The group gathers most every evening in parking lot C-5. It's here, on this patch of blacktop on Christman Road, that they first met, drawn together a few months ago by the neighborhood bald eagles — a handsome pair with a couple of youngsters.
Their nest is at the edge of Nimisila Reservoir in Green. Now that the eaglets are a few months old, they have learned to fly. Still, they hang out around home because they count on Mom and Pop for food.
The humans, with binoculars and long-lensed cameras, watch the birds from about 100 yards away, often gasping or applauding with each flight.
Tom Henry, a volunteer with the Ohio Division of Wildlife who monitors the nest, said the chicks were hatched around April 18. But some of the bird-watchers, including Scott Blend of Perry Township, believe it may have been earlier.
A part-time landscaper, Blend, who is considered by the parking lot gang as their resident expert, used to spend seven hours a day watching the birds. But once the weeds and grass made their spring debut, Blend was forced to return to work, cutting his birding hours to three daily.
The nature lover, who looks more like a college student than a 49-year-old, began to frequent the area a few years ago because of its sporting opportunities, such as hiking and kayaking, and its stillness.
''I come out here in the morning with my Bible and read verses,'' he said. ''The eagles? They are just an extra blessing. It gives me joy to see what God has created.''
In his pocket, Blend carries a dog-eared diary that fits into the palm of his hand. In it, he writes about each eagle event.
Blend penned that he first witnessed the male eaglet flying at 6 p.m. July 8. The female, about 10 days later.
''The male was a little wobbly,'' Blend recalled. ''They have mastered flying now, though their landings can still be shaky.''
It's hard to know how long the eaglets will remain in the area, but the parents, which mate for life, will return next year to the same nest, having remodeled it during the cooler months with additional sticks.
If there's one thing that gets the bird-watchers all aflutter, it's the sighting of an osprey.
''It's the villain in this soap opera,'' someone in the group shouted.
Though some bird experts say it's unusual to have an osprey, which is much smaller than an eagle, try to pick a fight with its bigger cousin, the C-5 parking lot gang maintains the birds in this neighborhood are used to each other, making the fish hawks, as the osprey are often called, very brave.
Henry, a retired wildlife biologist, said ospreys will aggressively defend their nest from eagles flying over the reservoir — and there are four osprey nests at Nimisila.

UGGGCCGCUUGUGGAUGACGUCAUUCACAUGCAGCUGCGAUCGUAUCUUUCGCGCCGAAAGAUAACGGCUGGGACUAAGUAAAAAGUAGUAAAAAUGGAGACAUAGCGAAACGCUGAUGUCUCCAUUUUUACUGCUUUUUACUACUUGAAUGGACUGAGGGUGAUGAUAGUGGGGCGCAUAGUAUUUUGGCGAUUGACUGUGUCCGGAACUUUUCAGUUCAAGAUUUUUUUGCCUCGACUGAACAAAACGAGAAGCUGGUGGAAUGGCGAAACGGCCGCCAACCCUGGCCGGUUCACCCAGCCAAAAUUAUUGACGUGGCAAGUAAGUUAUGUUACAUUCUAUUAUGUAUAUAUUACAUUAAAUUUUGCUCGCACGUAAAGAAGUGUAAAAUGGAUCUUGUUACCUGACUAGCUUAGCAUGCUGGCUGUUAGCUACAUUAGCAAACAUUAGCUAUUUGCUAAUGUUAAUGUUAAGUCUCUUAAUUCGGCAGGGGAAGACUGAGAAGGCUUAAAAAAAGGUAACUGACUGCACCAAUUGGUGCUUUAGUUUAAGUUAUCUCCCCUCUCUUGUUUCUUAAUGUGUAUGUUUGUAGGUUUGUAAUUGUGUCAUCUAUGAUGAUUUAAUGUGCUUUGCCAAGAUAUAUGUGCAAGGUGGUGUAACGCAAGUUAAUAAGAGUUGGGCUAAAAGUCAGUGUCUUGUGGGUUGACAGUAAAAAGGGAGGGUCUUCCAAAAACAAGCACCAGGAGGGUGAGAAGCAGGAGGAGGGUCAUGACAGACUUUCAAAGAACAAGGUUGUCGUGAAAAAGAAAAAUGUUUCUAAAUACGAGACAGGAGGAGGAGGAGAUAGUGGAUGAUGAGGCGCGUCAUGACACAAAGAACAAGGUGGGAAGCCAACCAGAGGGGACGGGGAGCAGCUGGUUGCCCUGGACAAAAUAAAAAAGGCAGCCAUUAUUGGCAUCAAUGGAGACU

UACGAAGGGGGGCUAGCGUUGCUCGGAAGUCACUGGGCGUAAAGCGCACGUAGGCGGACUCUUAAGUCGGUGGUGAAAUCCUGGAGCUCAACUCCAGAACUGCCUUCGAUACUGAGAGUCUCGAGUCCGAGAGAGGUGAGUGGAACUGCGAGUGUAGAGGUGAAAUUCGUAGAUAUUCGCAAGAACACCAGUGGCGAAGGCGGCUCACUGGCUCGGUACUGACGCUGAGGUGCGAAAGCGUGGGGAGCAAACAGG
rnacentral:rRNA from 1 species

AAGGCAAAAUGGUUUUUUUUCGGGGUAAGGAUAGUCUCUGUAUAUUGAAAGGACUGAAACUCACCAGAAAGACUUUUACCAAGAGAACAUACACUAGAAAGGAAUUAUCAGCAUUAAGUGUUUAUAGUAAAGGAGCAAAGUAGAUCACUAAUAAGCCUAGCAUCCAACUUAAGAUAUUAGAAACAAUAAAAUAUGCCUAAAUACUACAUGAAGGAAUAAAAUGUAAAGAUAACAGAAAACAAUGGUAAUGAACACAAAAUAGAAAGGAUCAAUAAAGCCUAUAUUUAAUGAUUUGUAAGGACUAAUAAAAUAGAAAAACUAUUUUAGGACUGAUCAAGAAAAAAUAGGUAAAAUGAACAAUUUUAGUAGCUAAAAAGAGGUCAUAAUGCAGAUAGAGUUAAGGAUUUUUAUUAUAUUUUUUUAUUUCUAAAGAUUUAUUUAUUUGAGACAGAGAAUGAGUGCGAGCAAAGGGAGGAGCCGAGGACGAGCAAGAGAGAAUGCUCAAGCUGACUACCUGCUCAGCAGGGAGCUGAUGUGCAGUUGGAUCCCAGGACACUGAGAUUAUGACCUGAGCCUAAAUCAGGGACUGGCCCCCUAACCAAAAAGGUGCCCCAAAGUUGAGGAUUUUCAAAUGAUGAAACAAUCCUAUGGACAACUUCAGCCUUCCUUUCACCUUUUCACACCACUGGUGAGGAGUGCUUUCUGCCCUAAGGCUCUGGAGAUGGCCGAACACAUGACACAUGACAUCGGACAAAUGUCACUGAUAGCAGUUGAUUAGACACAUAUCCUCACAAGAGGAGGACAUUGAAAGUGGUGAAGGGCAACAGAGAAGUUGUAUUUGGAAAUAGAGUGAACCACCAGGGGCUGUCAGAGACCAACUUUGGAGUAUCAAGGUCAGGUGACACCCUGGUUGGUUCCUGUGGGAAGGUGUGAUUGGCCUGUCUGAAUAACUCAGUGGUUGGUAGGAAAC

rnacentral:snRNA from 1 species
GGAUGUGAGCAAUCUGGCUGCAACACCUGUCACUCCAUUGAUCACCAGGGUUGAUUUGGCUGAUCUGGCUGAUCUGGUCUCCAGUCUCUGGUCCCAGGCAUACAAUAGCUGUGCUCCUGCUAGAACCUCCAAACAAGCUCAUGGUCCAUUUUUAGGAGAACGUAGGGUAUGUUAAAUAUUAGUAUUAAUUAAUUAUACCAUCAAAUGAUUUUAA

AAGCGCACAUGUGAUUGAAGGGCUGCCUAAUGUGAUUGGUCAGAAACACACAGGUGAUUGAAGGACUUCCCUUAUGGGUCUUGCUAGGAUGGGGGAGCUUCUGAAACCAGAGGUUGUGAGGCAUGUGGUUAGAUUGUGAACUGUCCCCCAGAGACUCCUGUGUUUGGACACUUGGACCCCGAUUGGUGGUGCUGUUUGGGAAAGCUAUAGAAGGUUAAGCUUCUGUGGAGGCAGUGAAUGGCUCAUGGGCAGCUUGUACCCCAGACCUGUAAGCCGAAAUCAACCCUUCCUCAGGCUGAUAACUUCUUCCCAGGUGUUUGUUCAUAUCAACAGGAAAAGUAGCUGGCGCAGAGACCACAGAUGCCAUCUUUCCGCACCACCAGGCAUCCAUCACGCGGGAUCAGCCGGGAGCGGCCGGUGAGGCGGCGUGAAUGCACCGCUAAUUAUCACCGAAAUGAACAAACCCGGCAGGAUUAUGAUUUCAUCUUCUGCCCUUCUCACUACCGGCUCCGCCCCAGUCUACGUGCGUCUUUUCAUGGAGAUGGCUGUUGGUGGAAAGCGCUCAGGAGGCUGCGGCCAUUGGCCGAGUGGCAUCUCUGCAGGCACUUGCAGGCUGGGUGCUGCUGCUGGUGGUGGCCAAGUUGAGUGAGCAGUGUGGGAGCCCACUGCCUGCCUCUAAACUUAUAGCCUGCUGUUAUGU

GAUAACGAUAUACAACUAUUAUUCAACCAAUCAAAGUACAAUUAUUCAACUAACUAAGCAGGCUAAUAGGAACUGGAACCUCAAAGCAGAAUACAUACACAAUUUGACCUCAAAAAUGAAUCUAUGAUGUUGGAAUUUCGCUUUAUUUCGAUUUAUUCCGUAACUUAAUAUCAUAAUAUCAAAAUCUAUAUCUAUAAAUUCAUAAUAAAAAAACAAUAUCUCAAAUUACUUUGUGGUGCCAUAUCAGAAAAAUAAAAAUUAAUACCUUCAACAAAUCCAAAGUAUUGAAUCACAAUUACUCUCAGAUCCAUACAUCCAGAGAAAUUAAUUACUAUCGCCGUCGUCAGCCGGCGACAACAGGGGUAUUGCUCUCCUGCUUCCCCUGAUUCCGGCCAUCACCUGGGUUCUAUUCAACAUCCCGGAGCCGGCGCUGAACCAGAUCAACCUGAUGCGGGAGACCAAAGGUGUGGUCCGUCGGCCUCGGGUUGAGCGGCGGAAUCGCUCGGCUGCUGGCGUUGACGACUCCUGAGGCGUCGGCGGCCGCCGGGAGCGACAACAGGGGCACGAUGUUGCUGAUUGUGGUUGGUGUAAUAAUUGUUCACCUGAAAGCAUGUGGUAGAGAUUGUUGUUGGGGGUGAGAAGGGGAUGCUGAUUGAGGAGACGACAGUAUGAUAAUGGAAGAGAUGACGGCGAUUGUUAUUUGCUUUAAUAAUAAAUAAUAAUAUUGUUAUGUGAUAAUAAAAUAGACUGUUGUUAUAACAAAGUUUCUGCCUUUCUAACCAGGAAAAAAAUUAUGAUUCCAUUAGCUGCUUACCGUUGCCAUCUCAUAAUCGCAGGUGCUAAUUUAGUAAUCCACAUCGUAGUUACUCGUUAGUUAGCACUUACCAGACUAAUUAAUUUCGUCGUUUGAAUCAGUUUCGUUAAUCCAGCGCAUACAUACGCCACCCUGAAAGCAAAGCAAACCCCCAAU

Eagles will also go after fish caught by the osprey, although Henry said he was unaware of any serious conflicts between the two bird species.
Green's Mary Lou Chatman, who comes with her husband, Bob, to watch the birds, said the ospreys tease the eagles — kind of like a pesky little boy pestering his teenage brother on a date. Only this brother has a seven-foot wingspan and talons that are among the largest and strongest in the world.
When Mary Lou arrives each day, she pulls out her spotting scope, attaches it to a tripod, focuses in on one of the birds, and gently nudges everyone else to take a peek.
During a recent trip to the area, the eaglets, which still have dark heads rather than the trademark white, were perched near each other on a white pine branch. It seems even they were bothered by the ongoing heat wave because their mouths gaped open — an indication that they were hot.
''Sometimes, the parents go to the drive-through and bring them back a bag of ice,'' Blend said, chuckling. ''Maybe that's where they are now.''
So many people are showing up at the reservoir in hope of spotting the birds that Natalie Cross, who lives nearby, joked that they should set up a lemonade stand and a battery concession.
When the eagles are still, or hiding, the friendly birders chat and pose with each other for pictures. Much of the conversation is focused on the pets that tag along with their owners.
Natalie and her hubby, Skip Cross, told the group that their Jack Russell terrier, Mitch, died after their last visit to see the eagles. The couple passed out photos of the 14-year-old pooch to their friends. Mary Lou cried.
''Are you going to get another dog?'' Bob Chatman asked.
''Ah, that's a silly question,'' said a barefoot Natalie, holding a photo of Mitch to her chest. Of course she will.
As dusk fell, making it difficult to spot the birds, the friends decided it was time to call it a night.
''See ya all tomorrow,'' Mary Lou shouted.
The daily missions to parking lot C-5 have taken on a whole new meaning. The eagles? They are just an extra blessing.
Kim Hone-McMahan can be reached at 330-996-3742 or email@example.com.